Shri Piyush Goyal, India’s Minister for Power, Coal and New & Renewable Energy, was on hand to witness the signing, and described it as a great opportunity in the development of renewable energy resources in the country.


The Indian Government will provide subsidy for surveys and studies, as well as obtaining clearances involved for the implementation of the project.

According to the press release published by the Ministry of New and Renewable Energy, this demonstration project “will certainly provide enough learning to move into this sector by taking up similar viable projects in [the] future.”


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Re: THE Offshore Wind Thread (merged)

Unread postby Graeme » Wed 08 Oct 2014, 16:39:37

Mass. offshore wind auction 'in 2014'

The US Interior Department intends to hold competitive lease auctions for additional offshore wind zones off the Massachusetts coast by the end of 2014, Interior Secretary Sally Jewell has confirmed.
“This year,” Jewell emphasised, when pressed on the timing on Tuesday at the AWEA Offshore conference underway in Atlantic City, New Jersey.

No exact date has yet been set for the Massachusetts lease, says Darryl Francois, chief of the engineering and compliance branch within the Bureau of Ocean Energy Management’s (BOEM) office of renewable-energy programs.

The auction is expected to cover 742,000 acres (300,000 hectares) of space set at least 12 miles (19km) off the coast of Massachusetts, with the area likely to be leased out across multiple zones. It will be the largest area the US has yet made available to offshore wind developers in a single go.

The BOEM is likely to hold an auction for another 344,000 acres off the coast of New Jersey in the “early part of 2015”, Francois adds.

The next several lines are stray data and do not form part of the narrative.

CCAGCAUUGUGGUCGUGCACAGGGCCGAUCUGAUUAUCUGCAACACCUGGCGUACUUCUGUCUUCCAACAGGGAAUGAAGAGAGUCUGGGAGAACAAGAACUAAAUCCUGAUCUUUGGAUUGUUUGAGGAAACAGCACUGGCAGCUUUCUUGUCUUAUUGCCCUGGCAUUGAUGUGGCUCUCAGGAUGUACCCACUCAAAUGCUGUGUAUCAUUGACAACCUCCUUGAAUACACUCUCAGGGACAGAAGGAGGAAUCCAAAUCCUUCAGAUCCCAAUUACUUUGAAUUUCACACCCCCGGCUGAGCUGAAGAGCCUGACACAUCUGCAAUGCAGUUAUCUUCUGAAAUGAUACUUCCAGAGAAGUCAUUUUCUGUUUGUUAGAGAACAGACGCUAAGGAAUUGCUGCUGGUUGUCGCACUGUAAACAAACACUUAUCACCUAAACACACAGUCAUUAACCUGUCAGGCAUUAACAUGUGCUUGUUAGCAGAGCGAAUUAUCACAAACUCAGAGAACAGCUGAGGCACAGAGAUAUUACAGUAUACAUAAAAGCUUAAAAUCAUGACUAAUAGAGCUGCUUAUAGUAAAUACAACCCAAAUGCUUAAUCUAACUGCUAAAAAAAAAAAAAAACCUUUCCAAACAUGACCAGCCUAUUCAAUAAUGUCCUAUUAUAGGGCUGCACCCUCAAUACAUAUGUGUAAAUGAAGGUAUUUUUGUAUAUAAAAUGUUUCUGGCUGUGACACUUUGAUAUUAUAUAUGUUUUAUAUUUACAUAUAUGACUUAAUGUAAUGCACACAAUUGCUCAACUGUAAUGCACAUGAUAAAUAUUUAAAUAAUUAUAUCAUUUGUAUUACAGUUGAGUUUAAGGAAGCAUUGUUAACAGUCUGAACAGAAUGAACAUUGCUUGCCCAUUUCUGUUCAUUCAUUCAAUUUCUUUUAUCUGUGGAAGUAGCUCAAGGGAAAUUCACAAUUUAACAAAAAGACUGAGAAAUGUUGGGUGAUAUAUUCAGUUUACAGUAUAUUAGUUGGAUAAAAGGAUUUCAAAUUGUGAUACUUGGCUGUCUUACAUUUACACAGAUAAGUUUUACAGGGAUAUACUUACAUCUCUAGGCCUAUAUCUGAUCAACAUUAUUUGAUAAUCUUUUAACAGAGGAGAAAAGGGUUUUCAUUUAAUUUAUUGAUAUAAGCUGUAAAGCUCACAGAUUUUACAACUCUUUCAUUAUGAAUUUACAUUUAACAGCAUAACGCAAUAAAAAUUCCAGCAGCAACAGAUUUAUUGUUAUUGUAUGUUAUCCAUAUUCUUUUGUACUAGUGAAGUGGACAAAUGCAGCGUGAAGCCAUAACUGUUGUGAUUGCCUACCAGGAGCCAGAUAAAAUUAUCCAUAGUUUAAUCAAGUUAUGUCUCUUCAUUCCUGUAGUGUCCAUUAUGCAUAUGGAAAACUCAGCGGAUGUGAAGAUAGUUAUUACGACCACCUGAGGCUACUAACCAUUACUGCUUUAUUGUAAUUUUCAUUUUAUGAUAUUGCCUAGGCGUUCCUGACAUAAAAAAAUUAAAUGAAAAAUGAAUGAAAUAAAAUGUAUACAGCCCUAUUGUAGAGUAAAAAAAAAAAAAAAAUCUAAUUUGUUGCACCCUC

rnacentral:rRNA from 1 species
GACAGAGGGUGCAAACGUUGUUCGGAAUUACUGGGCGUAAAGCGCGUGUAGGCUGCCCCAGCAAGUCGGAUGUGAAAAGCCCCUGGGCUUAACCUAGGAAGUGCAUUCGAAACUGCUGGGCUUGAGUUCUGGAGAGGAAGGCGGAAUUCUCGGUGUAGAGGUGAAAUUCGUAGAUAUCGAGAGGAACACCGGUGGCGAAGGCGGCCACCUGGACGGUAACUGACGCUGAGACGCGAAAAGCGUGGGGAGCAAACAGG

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Re: THE Offshore Wind Thread (merged)

Unread postby Graeme » Fri 10 Oct 2014, 16:08:51

Four offshore wind farms approved despite 'deadly' impact on seabirds

Four huge offshore wind farms consisting of hundreds of turbines will be built of the east coast of Scotland after SNP ministers granted planning permission in the face of warnings about their “deadly” impact on seabirds.

The developments in the Forth and Tay regions will be theoretically capable of producing up to 2.284 gigawatts (GW) of electricity, enough for 1.4 million homes.

The Scottish Government said consent has been granted subject to strict conditions to minimise the impact on birds and the environment.

But RSPB Scotland said the proximity of seabird colonies meant it “inevitable” that birds would be killed by the turbines and warned the wind farms would be “amongst the most deadly for birds anywhere in the world.”


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Re: THE Offshore Wind Thread (merged)

Unread postby Graeme » Sat 11 Oct 2014, 16:45:39

Offshore Wind Power Can Save U.S. Billions On Electricity, Recent DOE Study Finds